25 Apr Why Nonprofits Should Act More Like Tech Startups
As one of the founders of a nascent nonprofit dedicated to gender equality issues, Kathleen Kelly Janus got a close look at the challenges of growing an organization that’s dependent on fundraising.
“We had a ton of momentum. We had a ton of buzz,” Janus recalls in an interview with Kara Swisher at the tech site, Recode. “And just when we hit our stride, we hit this wall. We couldn’t get the capital that we needed to grow the organization.”
That all-too-common experience led Janus to become “obsessed with understanding how nonprofits can get off the treadmill and attain organizational sustainability.” That obsession led her to spend five years traveling around the country and talking with founders of what she calls “breakthrough social startups,” their leadership teams, and the people who fund them. Janus would interview over a hundred entrepreneurs, academics and philanthropists.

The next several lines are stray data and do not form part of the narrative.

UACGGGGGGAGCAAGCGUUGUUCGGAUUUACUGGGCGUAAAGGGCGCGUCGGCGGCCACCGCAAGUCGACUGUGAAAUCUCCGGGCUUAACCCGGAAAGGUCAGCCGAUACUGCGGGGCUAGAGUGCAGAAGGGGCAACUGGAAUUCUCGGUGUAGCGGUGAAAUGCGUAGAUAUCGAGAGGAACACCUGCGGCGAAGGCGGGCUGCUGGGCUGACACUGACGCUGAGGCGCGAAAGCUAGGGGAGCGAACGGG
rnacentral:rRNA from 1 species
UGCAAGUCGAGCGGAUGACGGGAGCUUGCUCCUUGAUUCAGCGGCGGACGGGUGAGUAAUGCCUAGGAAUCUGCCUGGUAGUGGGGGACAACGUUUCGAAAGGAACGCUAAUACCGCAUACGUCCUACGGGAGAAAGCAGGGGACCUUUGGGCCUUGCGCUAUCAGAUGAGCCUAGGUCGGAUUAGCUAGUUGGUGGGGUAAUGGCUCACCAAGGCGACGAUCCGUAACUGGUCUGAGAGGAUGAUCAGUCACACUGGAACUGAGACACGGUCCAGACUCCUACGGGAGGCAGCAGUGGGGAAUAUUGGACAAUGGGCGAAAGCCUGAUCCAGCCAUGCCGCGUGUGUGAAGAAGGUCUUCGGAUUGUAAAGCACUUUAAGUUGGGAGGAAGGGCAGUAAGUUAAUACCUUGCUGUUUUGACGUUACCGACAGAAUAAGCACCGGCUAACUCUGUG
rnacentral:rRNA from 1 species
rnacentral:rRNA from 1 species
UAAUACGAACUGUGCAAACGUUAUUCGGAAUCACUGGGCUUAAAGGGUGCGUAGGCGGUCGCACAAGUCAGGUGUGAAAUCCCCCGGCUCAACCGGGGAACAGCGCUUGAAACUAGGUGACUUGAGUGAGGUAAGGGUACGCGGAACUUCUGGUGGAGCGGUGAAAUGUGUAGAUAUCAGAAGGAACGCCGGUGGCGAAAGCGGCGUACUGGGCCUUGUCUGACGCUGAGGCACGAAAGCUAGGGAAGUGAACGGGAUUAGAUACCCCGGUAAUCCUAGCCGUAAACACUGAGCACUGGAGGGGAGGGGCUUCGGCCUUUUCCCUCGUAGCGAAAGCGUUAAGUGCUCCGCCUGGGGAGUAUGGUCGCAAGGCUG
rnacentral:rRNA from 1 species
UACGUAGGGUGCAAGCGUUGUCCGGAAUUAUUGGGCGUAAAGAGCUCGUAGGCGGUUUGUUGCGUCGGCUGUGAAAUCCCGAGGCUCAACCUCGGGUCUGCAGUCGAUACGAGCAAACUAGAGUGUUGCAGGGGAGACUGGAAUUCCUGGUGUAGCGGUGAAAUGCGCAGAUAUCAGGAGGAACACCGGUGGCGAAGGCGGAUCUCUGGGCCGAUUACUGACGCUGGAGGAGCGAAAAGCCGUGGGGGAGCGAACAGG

Her conversations started with a simple question: “What’s the key to nonprofit success?”
The answers formed the basis for her book, “Social Startup Success: How the Best Nonprofits Launch, Scale Up, and Make a Difference.”
What Janus concluded from her interviews is that nonprofit organizations need to behave more like Silicon Valley startups to succeed. (Not coincidentally, Janus is also a lecturer in the Program on Social Entrepreneurship at Stanford University, where many tech founders have gotten their start.)
Here are the five strategies that Janus identifies as critical for emerging nonprofits to adopt if they want to scale up to $2 million in consistent annual revenue, the milestone at which she considers them to be sustainable.
Testing Ideas: Janus believes nonprofits should aim to test out new ideas quickly rather than putting all of their resources into a single solution. This approach is similar to the “lean startup” methodology that’s popular among tech entrepreneurs. It emphasizes the rapid creation of a “minimal viable product” or MVP and iterating constantly until you find the right product-market fit — while “failing fast” along the way.
However, nonprofits are very reluctant to admit failure because they get a majority of their funding through philanthropy, Janus says.